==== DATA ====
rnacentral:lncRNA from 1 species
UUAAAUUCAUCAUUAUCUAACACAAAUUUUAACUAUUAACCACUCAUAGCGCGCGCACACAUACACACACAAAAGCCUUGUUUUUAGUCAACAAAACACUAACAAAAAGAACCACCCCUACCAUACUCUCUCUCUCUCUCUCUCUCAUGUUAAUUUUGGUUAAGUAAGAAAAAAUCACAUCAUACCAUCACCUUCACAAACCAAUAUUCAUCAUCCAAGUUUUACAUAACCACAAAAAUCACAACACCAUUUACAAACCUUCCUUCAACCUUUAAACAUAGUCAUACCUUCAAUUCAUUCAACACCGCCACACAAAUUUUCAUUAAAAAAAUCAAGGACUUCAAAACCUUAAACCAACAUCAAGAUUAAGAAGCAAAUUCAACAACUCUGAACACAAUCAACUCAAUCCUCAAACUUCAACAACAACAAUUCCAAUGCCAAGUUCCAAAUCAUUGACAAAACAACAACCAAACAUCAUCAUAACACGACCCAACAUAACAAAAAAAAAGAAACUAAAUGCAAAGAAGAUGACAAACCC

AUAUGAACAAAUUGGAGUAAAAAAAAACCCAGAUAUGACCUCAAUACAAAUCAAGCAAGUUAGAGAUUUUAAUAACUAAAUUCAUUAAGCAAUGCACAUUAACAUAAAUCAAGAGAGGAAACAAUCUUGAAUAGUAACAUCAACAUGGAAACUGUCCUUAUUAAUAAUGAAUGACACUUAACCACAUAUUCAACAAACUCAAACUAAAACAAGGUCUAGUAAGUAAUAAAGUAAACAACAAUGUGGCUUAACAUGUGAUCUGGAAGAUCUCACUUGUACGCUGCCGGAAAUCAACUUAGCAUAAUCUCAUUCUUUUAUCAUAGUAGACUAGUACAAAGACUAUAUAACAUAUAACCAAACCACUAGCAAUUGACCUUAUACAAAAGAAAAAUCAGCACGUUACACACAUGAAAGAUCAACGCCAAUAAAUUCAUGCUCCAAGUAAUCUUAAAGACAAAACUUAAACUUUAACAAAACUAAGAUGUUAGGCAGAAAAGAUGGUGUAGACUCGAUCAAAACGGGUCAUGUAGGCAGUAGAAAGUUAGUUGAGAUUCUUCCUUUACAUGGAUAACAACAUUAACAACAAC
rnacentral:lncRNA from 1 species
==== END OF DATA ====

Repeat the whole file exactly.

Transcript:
rnacentral:lncRNA from 1 species
UUAAAUUCAUCAUUAUCUAACACAAAUUUUAACUAUUAACCACUCAUAGCGCGCGCACACAUACACACACAAAAGCCUUGUUUUUAGUCAACAAAACACUAACAAAAAGAACCACCCCUACCAUACUCUCUCUCUCUCUCUCUCUCAUGUUAAUUUUGGUUAAGUAAGAAAAAAUCACAUCAUACCAUCACCUUCACAAACCAAUAUUCAUCAUCCAAGUUUUACAUAACCACAAAAAUCACAACACCAUUUACAAACCUUCCUUCAACCUUUAAACAUAGUCAUACCUUCAAUUCAUUCAACACCGCCACACAAAUUUUCAUUAAAAAAAUCAAGGACUUCAAAACCUUAAACCAACAUCAAGAUUAAGAAGCAAAUUCAACAACUCUGAACACAAUCAACUCAAUCCUCAAACUUCAACAACAACAAUUCCAAUGCCAAGUUCCAAAUCAUUGACAAAACAACAACCAAACAUCAUCAUAACACGACCCAACAUAACAAAAAAAAAGAAACUAAAUGCAAAGAAGAUGACAAACCC

AUAUGAACAAAUUGGAGUAAAAAAAAACCCAGAUAUGACCUCAAUACAAAUCAAGCAAGUUAGAGAUUUUAAUAACUAAAUUCAUUAAGCAAUGCACAUUAACAUAAAUCAAGAGAGGAAACAAUCUUGAAUAGUAACAUCAACAUGGAAACUGUCCUUAUUAAUAAUGAAUGACACUUAACCACAUAUUCAACAAACUCAAACUAAAACAAGGUCUAGUAAGUAAUAAAGUAAACAACAAUGUGGCUUAACAUGUGAUCUGGAAGAUCUCACUUGUACGCUGCCGGAAAUCAACUUAGCAUAAUCUCAUUCUUUUAUCAUAGUAGACUAGUACAAAGACUAUAUAACAUAUAACCAAACCACUAGCAAUUGACCUUAUACAAAAGAAAAAUCAGCACGUUACACACAUGAAAGAUCAACGCCAAUAAAUUCAUGCUCCAAGUAAUCUUAAAGACAAAACUUAAACUUUAACAAAACUAAGAUGUUAGGCAGAAAAGAUGGUGUAGACUCGAUCAAAACGGGUCAUGUAGGCAGUAGAAAGUUAGUUGAGAUUCUUCCUUUACAUGGAUAACAACAUUAACAACAAC
rnacentral:lncRNA from 1 species